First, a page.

About Uni-compartmental Knee Arthroplasty
After many years of activity and hard work, possibly a couple injuries, your knee can wear out. When x-rays confirm that the cartilage and meniscus (cushion in your knee) are thin and degenerative, the common diagnosis is degenerative joint disease of the knee. If it only involves one side of your knee and the other parts of your knee are perfect, then you may be a candidate for a uni-compartmental knee arthroplasty (UNI). This means that we can replace only one part of your knee, either inside (medial) or outside (lateral). The alternatives are to live with it or possibly have the whole knee replaced, if that is an option your surgeon presents to you.
UNI or Partial Knee Replacement Benefits
The benefits and advantages of a UNI include the following:
- Relieving pain in the area we replace
- Buying more time before we have to replace the whole knee
- A more natural-feeling knee, because you get to keep your ACL (a ligament needed for running and jumping)
- Easier recovery (one day in the hospital and faster rehabilitation at home)
The disadvantages to UNI can include the following:
- Partial pain relief
- Continued wear in the other parts of the knee that aren't replaced
- Another operation to replace all of the knee (total knee arthroplasty). If you are young enough to need this, it is usually in an average of 7-10 years, but hopefully not earlier than five years.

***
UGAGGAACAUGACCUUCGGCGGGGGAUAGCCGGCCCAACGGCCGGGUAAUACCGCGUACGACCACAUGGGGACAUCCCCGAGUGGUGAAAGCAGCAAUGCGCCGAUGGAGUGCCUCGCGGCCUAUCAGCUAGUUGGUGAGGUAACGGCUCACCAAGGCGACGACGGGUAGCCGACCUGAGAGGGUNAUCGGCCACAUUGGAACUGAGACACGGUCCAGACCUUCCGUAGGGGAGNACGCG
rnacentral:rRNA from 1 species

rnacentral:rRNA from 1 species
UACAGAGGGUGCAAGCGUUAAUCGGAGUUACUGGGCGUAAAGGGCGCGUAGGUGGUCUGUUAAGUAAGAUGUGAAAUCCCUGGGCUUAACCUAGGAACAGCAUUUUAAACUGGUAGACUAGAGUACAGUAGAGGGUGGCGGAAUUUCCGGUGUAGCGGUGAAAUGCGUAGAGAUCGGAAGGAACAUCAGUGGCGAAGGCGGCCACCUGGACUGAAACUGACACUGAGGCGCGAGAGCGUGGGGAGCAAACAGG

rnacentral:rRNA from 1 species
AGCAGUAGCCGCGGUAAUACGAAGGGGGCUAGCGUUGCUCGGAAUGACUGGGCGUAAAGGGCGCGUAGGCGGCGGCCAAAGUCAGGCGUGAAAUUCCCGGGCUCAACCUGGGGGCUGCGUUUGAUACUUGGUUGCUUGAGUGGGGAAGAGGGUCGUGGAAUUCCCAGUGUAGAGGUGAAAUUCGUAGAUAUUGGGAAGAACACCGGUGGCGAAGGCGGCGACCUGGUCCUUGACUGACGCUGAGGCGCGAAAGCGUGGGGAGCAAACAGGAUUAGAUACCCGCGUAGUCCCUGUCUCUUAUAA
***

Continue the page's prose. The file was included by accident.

Typically, you will have surgery and go home the next day from the hospital. You will have a physical therapist to do exercises with, or they will teach you how to do them on your own. Stiffness is not as big of a problem as it can be when we replace the whole knee. Infection, however, is always a concern whenever we put metal into someone's body. Also, as long as you are up and active, blood clots in the leg are very rare.
You will be seen two weeks from surgery for your staples to be removed, then again at six weeks from surgery to see the surgeon and check x-rays. You'll be allowed to drive at two to three weeks from surgery, return to work when you feel ready and stop using a cane when you can walk well without a limp. Full activities can be resumed at six weeks from surgery, as tolerated.